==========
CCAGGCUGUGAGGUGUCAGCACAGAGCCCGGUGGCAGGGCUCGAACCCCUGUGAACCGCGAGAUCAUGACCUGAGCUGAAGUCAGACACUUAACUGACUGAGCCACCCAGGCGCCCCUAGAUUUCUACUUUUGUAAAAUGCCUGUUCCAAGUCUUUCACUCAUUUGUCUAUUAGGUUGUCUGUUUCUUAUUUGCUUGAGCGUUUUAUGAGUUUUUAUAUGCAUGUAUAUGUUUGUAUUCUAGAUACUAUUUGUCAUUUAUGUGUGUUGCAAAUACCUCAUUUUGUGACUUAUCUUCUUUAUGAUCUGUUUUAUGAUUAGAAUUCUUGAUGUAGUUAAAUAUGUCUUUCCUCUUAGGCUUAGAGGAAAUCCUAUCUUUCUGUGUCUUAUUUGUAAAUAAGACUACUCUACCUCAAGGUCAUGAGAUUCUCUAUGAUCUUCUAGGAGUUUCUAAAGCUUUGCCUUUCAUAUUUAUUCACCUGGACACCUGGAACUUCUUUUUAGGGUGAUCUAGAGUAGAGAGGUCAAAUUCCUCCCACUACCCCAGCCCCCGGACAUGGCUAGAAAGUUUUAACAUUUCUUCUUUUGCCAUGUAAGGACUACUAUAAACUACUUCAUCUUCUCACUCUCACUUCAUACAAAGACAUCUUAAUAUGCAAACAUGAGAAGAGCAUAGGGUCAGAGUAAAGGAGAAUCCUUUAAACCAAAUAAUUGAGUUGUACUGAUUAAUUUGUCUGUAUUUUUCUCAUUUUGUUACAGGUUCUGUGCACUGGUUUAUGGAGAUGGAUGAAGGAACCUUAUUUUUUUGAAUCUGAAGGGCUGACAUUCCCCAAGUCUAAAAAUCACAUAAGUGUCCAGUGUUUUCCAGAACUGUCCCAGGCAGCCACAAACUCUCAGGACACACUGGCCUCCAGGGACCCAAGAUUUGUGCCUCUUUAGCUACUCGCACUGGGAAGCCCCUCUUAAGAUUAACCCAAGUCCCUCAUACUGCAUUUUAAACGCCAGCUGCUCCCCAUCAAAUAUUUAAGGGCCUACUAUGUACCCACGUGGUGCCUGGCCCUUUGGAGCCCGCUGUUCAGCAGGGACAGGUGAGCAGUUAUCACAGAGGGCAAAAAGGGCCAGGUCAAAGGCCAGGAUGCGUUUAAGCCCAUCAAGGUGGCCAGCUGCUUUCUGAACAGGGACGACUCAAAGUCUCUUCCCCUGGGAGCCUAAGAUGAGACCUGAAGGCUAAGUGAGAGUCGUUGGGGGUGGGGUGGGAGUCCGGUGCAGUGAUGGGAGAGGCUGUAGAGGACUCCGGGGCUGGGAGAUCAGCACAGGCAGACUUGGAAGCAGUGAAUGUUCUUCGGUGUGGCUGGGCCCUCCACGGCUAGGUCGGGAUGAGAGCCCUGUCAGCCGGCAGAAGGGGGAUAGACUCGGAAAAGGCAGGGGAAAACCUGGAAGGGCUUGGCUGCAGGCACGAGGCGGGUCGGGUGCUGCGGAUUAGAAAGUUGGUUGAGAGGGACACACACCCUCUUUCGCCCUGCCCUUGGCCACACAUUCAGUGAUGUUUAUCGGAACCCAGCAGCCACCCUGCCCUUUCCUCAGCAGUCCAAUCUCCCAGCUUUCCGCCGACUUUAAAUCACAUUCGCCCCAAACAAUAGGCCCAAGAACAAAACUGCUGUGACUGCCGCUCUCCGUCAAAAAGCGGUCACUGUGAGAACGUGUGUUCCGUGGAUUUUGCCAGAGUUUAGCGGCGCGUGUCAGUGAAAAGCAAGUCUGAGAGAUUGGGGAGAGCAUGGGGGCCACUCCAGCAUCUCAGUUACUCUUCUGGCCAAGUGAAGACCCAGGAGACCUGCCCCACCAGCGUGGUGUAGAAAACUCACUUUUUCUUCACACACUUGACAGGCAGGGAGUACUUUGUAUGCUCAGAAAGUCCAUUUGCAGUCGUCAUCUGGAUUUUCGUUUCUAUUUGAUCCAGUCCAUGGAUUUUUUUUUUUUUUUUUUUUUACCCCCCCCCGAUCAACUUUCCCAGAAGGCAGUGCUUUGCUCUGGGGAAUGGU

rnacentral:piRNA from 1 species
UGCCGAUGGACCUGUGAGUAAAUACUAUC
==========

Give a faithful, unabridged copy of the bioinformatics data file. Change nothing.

CCAGGCUGUGAGGUGUCAGCACAGAGCCCGGUGGCAGGGCUCGAACCCCUGUGAACCGCGAGAUCAUGACCUGAGCUGAAGUCAGACACUUAACUGACUGAGCCACCCAGGCGCCCCUAGAUUUCUACUUUUGUAAAAUGCCUGUUCCAAGUCUUUCACUCAUUUGUCUAUUAGGUUGUCUGUUUCUUAUUUGCUUGAGCGUUUUAUGAGUUUUUAUAUGCAUGUAUAUGUUUGUAUUCUAGAUACUAUUUGUCAUUUAUGUGUGUUGCAAAUACCUCAUUUUGUGACUUAUCUUCUUUAUGAUCUGUUUUAUGAUUAGAAUUCUUGAUGUAGUUAAAUAUGUCUUUCCUCUUAGGCUUAGAGGAAAUCCUAUCUUUCUGUGUCUUAUUUGUAAAUAAGACUACUCUACCUCAAGGUCAUGAGAUUCUCUAUGAUCUUCUAGGAGUUUCUAAAGCUUUGCCUUUCAUAUUUAUUCACCUGGACACCUGGAACUUCUUUUUAGGGUGAUCUAGAGUAGAGAGGUCAAAUUCCUCCCACUACCCCAGCCCCCGGACAUGGCUAGAAAGUUUUAACAUUUCUUCUUUUGCCAUGUAAGGACUACUAUAAACUACUUCAUCUUCUCACUCUCACUUCAUACAAAGACAUCUUAAUAUGCAAACAUGAGAAGAGCAUAGGGUCAGAGUAAAGGAGAAUCCUUUAAACCAAAUAAUUGAGUUGUACUGAUUAAUUUGUCUGUAUUUUUCUCAUUUUGUUACAGGUUCUGUGCACUGGUUUAUGGAGAUGGAUGAAGGAACCUUAUUUUUUUGAAUCUGAAGGGCUGACAUUCCCCAAGUCUAAAAAUCACAUAAGUGUCCAGUGUUUUCCAGAACUGUCCCAGGCAGCCACAAACUCUCAGGACACACUGGCCUCCAGGGACCCAAGAUUUGUGCCUCUUUAGCUACUCGCACUGGGAAGCCCCUCUUAAGAUUAACCCAAGUCCCUCAUACUGCAUUUUAAACGCCAGCUGCUCCCCAUCAAAUAUUUAAGGGCCUACUAUGUACCCACGUGGUGCCUGGCCCUUUGGAGCCCGCUGUUCAGCAGGGACAGGUGAGCAGUUAUCACAGAGGGCAAAAAGGGCCAGGUCAAAGGCCAGGAUGCGUUUAAGCCCAUCAAGGUGGCCAGCUGCUUUCUGAACAGGGACGACUCAAAGUCUCUUCCCCUGGGAGCCUAAGAUGAGACCUGAAGGCUAAGUGAGAGUCGUUGGGGGUGGGGUGGGAGUCCGGUGCAGUGAUGGGAGAGGCUGUAGAGGACUCCGGGGCUGGGAGAUCAGCACAGGCAGACUUGGAAGCAGUGAAUGUUCUUCGGUGUGGCUGGGCCCUCCACGGCUAGGUCGGGAUGAGAGCCCUGUCAGCCGGCAGAAGGGGGAUAGACUCGGAAAAGGCAGGGGAAAACCUGGAAGGGCUUGGCUGCAGGCACGAGGCGGGUCGGGUGCUGCGGAUUAGAAAGUUGGUUGAGAGGGACACACACCCUCUUUCGCCCUGCCCUUGGCCACACAUUCAGUGAUGUUUAUCGGAACCCAGCAGCCACCCUGCCCUUUCCUCAGCAGUCCAAUCUCCCAGCUUUCCGCCGACUUUAAAUCACAUUCGCCCCAAACAAUAGGCCCAAGAACAAAACUGCUGUGACUGCCGCUCUCCGUCAAAAAGCGGUCACUGUGAGAACGUGUGUUCCGUGGAUUUUGCCAGAGUUUAGCGGCGCGUGUCAGUGAAAAGCAAGUCUGAGAGAUUGGGGAGAGCAUGGGGGCCACUCCAGCAUCUCAGUUACUCUUCUGGCCAAGUGAAGACCCAGGAGACCUGCCCCACCAGCGUGGUGUAGAAAACUCACUUUUUCUUCACACACUUGACAGGCAGGGAGUACUUUGUAUGCUCAGAAAGUCCAUUUGCAGUCGUCAUCUGGAUUUUCGUUUCUAUUUGAUCCAGUCCAUGGAUUUUUUUUUUUUUUUUUUUUUACCCCCCCCCGAUCAACUUUCCCAGAAGGCAGUGCUUUGCUCUGGGGAAUGGU

rnacentral:piRNA from 1 species
UGCCGAUGGACCUGUGAGUAAAUACUAUC